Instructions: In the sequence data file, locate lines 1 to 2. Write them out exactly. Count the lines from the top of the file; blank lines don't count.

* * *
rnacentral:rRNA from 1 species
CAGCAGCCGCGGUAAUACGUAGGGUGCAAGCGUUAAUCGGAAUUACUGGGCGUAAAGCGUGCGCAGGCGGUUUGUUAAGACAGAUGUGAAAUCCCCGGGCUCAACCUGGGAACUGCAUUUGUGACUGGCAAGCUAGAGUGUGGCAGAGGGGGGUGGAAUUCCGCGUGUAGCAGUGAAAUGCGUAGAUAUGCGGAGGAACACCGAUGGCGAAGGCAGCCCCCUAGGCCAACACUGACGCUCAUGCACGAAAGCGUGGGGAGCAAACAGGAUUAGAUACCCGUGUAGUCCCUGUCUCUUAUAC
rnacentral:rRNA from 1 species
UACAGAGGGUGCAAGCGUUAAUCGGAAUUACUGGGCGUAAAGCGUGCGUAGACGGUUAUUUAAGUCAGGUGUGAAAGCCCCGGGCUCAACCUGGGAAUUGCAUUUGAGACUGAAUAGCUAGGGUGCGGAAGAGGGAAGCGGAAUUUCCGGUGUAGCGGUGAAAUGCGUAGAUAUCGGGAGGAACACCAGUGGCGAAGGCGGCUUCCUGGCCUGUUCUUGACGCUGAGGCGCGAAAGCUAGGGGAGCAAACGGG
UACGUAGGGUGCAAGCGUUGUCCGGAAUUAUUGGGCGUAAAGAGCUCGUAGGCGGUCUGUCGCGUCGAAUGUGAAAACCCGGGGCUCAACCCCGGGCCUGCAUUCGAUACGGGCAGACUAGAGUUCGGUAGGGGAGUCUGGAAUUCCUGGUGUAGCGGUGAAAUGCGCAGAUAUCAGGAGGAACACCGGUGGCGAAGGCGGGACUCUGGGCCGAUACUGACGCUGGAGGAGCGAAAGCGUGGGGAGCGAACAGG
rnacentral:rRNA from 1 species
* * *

rnacentral:rRNA from 1 species
CAGCAGCCGCGGUAAUACGUAGGGUGCAAGCGUUAAUCGGAAUUACUGGGCGUAAAGCGUGCGCAGGCGGUUUGUUAAGACAGAUGUGAAAUCCCCGGGCUCAACCUGGGAACUGCAUUUGUGACUGGCAAGCUAGAGUGUGGCAGAGGGGGGUGGAAUUCCGCGUGUAGCAGUGAAAUGCGUAGAUAUGCGGAGGAACACCGAUGGCGAAGGCAGCCCCCUAGGCCAACACUGACGCUCAUGCACGAAAGCGUGGGGAGCAAACAGGAUUAGAUACCCGUGUAGUCCCUGUCUCUUAUAC